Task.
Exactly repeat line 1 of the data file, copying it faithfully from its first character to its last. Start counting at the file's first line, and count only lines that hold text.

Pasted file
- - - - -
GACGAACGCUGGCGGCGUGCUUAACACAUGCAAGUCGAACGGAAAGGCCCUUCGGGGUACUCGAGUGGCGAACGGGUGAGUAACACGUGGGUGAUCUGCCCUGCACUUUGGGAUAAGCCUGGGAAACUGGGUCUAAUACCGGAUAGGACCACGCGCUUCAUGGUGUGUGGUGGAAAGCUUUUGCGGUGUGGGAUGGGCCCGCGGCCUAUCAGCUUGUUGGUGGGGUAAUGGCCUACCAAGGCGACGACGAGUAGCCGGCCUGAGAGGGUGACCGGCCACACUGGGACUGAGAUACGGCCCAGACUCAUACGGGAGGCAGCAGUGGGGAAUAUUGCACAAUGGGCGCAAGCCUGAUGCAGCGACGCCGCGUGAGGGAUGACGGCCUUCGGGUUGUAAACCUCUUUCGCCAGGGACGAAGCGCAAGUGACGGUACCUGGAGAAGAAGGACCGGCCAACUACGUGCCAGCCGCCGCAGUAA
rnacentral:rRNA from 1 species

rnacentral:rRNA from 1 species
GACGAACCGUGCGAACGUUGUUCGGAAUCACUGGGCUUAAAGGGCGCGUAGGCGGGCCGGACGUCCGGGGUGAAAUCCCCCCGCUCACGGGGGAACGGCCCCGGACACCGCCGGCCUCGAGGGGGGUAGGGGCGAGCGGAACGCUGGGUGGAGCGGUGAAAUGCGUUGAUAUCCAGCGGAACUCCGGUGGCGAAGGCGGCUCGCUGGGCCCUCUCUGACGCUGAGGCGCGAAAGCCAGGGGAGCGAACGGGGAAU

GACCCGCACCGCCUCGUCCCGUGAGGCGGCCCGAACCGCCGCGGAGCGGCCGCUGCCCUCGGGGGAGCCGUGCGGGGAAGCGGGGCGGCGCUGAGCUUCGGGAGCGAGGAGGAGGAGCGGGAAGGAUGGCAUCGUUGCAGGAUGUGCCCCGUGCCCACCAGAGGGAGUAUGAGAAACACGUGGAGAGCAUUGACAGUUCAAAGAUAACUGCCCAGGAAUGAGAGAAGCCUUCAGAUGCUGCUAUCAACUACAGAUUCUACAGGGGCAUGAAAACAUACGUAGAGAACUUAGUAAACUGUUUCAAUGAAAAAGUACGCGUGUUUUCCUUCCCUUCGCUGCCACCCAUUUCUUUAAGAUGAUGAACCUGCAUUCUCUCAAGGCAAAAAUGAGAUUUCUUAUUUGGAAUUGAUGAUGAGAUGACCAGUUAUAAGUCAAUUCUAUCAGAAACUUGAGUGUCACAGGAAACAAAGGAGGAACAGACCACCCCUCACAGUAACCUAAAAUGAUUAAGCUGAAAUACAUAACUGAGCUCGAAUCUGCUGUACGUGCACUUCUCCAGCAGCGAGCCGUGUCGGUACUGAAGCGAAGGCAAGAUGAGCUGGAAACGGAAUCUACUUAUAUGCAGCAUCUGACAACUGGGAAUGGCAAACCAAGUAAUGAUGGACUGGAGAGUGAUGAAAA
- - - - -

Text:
GACGAACGCUGGCGGCGUGCUUAACACAUGCAAGUCGAACGGAAAGGCCCUUCGGGGUACUCGAGUGGCGAACGGGUGAGUAACACGUGGGUGAUCUGCCCUGCACUUUGGGAUAAGCCUGGGAAACUGGGUCUAAUACCGGAUAGGACCACGCGCUUCAUGGUGUGUGGUGGAAAGCUUUUGCGGUGUGGGAUGGGCCCGCGGCCUAUCAGCUUGUUGGUGGGGUAAUGGCCUACCAAGGCGACGACGAGUAGCCGGCCUGAGAGGGUGACCGGCCACACUGGGACUGAGAUACGGCCCAGACUCAUACGGGAGGCAGCAGUGGGGAAUAUUGCACAAUGGGCGCAAGCCUGAUGCAGCGACGCCGCGUGAGGGAUGACGGCCUUCGGGUUGUAAACCUCUUUCGCCAGGGACGAAGCGCAAGUGACGGUACCUGGAGAAGAAGGACCGGCCAACUACGUGCCAGCCGCCGCAGUAA